Chesapeake & Ohio Ry. Co. v. Proffitt - 241 U.S. 462 (1916)
U.S. Supreme Court
Chesapeake & Ohio Ry. Co. v. Proffitt, 241 U.S. 462 (1916)
Chesapeake & Ohio Railway Company v. Proffitt
Argued March 10, 1916
Decided June 5, 1916
241 U.S. 462
The danger to a brakeman at work in switching at one end of a "manifest" train, arising from switching operations conducted by another crew at the other end is not among the ordinary risks of a brakeman's employment; and, in the absence of notice or knowledge, such brakeman cannot be held to have assumed it.
To subject an employee without warning to unusual danger, not normally incident to the employment, is itself an act of negligence.
While an employee assumes risks and dangers ordinarily incident to the employment, so far as they are not attributable to the negligence of the employer or those for whom the latter is responsible, the employee has a right to assume that the employer has exercised proper care to provide a safe place and method of, work.
An employee is not to be regarded as having assumed a risk attributable to the employer's negligence until he becomes aware of it, unless it is so plainly observable that he must be presumed to have knowledge of it.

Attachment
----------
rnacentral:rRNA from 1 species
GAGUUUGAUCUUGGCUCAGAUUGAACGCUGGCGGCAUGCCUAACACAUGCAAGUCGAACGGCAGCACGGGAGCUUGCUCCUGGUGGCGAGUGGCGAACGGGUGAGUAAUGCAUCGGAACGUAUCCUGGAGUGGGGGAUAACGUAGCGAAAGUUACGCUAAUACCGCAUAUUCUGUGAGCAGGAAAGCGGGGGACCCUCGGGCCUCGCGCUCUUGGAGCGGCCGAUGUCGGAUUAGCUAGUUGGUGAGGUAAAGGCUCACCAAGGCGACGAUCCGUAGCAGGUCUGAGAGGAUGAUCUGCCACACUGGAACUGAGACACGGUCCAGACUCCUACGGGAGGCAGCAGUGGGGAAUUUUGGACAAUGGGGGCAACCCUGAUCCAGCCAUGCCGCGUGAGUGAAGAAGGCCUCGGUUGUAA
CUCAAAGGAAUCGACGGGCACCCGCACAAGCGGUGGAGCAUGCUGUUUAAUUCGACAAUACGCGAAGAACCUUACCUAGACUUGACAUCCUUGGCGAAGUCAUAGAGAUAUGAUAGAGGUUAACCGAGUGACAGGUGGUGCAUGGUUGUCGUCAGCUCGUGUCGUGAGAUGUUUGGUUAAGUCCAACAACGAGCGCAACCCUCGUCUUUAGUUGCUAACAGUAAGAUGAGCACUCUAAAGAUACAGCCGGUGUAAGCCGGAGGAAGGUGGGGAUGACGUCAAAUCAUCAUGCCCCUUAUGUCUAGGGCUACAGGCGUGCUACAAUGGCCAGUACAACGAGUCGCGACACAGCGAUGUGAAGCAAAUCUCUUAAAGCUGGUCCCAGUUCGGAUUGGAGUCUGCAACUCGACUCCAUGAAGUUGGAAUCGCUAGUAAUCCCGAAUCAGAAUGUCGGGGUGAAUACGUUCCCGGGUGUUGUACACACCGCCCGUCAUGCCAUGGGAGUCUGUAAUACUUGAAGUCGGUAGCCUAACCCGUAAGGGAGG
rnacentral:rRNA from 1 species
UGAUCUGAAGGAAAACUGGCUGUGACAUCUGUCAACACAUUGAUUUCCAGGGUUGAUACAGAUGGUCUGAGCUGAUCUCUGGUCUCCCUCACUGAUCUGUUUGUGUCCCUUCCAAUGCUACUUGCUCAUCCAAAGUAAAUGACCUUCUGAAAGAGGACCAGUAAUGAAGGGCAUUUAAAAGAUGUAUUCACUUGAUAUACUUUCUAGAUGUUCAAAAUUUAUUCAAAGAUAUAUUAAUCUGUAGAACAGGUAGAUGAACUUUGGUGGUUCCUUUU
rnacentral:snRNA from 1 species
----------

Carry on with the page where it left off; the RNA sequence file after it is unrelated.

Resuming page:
An employee is not obliged to exercise care to discover dangers resulting from the employer's negligence and which are not ordinarily incident to the employment.
Even if an employee knows and assumes the risk of an inherently dangerous method of work, he does not assume the increased risk attributable not to such method, but to negligence in pursuing it.
In the absence of knowledge of a custom of the employer in making up trains, a brakeman is not bound by such a custom unless it is one that a reasonably careful employer would adopt.
A request to charge that the jury find for defendant if the usual method of doing work was pursued irrespective of the question of negligence of other employees was, in this case, properly modified by the court to the effect that the method adopted must be one that reasonably prudent men would adopt and that the injured employee only assumed the risks reasonably and usually incident to such method.
218 F. 23 affirmed.
The facts, which involve the validity of a judgment for damages for personal injuries in an action under the Employers' Liability Act, are stated in the opinion.